Which leads us to ask, yet again: How can one discern between real mimesis on the one hand and ad hoc attempts to force mimesis on the other?

    2. Numbers and genders. The first Homeric feast was a military affair, with only men present; the second was a more egalitarian affair.

      This means very little, of course, since Mark could easily choose to highlight only the presence of men to imitate Homer (if he is indeed doing so); obviously one or both genders had to be present in context (and if HEGM is right, Mark has reason to omit Matthew's women and children).

      In terms of numbers: Mark's 5000 is seen as corollary to Homer's 4500 (!), while Mark's 4000 is seen as correspondent to Homer's unnumbered but "presumably smaller" (!) feast. Obviously, this is nevertheless meaningless, since one party was inevitably going to be larger than the other in both cases.

    3. Have a seat. Homer has his people in the first party sit down in groups of 500; Mark's first party is told to get in groups of hundreds and 50s. Sectioning people off in groups is a universal concept -- it tends to make service a lot easier.

      Other parallels drawn: The word "saw" in both works; the words "bade them" in Homer with "ordered" in Mark for people being told to sit down; "sitting" in Homer and "reclining" in Mark (does MacDonald know of people who usually stand up to eat?); Homer's people sitting on "soft fleeces upon the sand of the sea" with Mark's people sitting on "green grass". So would these people have had to float on air to avoid a mimesis episode? People when they sit down sit on something; mimesis could be found in anyting: "green grass," "sharp rocks," even "chairs".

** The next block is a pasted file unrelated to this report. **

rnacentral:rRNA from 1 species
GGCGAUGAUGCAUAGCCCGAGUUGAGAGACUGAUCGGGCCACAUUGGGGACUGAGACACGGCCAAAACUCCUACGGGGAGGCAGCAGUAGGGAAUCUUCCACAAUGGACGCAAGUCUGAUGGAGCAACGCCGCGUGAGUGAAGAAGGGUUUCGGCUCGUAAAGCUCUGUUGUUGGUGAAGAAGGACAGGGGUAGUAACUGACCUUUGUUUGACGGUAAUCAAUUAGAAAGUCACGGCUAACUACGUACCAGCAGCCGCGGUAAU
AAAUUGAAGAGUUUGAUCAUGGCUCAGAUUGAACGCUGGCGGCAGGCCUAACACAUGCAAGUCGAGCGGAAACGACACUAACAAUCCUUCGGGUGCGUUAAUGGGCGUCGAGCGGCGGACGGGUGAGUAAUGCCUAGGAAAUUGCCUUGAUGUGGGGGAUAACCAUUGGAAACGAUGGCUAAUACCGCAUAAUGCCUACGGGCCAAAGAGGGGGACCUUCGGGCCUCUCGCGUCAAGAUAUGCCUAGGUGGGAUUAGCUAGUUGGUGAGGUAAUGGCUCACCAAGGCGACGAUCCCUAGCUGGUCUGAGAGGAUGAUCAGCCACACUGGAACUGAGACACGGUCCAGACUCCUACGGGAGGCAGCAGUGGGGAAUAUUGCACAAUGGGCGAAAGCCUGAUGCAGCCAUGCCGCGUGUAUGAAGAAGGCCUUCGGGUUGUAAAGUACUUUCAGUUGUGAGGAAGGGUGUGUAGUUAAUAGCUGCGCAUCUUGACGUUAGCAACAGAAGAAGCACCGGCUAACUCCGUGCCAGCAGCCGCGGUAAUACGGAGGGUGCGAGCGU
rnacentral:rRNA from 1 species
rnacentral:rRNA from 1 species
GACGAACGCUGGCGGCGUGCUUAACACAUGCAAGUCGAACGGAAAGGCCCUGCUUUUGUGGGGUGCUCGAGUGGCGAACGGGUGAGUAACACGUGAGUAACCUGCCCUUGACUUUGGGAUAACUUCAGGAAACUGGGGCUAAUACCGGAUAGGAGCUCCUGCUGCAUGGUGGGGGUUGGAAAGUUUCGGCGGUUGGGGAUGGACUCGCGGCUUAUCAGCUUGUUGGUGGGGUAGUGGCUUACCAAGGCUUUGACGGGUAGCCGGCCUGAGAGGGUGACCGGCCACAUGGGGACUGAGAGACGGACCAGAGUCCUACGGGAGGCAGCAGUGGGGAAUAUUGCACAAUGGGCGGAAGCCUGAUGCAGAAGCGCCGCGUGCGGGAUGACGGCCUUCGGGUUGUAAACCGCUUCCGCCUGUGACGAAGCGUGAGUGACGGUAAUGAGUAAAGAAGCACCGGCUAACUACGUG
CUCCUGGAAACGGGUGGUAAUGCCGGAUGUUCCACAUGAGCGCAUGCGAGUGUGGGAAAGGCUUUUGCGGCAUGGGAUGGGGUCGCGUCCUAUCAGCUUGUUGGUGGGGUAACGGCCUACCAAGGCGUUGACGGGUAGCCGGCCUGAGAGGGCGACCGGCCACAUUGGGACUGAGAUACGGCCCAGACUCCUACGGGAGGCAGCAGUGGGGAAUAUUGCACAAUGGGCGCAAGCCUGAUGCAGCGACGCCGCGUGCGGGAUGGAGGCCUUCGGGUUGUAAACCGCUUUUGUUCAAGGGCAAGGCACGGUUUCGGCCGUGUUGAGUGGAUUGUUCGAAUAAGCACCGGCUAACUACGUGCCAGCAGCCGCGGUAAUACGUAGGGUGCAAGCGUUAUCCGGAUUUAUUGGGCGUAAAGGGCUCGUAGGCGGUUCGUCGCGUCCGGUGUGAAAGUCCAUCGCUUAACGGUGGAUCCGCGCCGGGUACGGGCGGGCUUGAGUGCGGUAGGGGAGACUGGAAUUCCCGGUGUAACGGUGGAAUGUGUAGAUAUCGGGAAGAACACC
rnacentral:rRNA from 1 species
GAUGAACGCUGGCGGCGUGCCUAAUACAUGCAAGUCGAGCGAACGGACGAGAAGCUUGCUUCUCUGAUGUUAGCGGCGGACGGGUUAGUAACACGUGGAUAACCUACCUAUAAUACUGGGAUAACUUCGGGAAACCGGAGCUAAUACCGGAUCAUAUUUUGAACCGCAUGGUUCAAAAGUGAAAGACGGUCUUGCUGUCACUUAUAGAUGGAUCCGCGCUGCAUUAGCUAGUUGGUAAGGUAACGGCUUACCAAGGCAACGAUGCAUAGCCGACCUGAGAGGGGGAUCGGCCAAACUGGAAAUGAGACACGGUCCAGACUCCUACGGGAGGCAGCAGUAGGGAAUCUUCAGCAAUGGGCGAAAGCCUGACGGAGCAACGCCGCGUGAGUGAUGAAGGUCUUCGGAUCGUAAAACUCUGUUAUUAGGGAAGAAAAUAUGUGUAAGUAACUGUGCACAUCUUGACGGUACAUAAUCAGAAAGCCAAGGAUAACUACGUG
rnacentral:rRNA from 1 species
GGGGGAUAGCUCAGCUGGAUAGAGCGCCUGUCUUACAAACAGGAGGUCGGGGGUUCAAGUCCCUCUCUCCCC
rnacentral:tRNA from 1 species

MacDonald says that his Homerizing "solve(s) the enigma of Mark's attention to seating by groups..." The only "enigma" is how MacDonald sees an enigma in the first place in a standard situation for any group of people that are fed.

    4. Prayers and distribution. It is noted that both Jesus and Telemachus offered prayers before food was served. It is admitted that Mark's vocabulary recalls the Last Supper and "surely reflects Jewish blessings before meals." [88] -- and thus this adds only "slight" weight to the list of parallels.

      Actually, it adds none at all -- prayer before meal is a universal.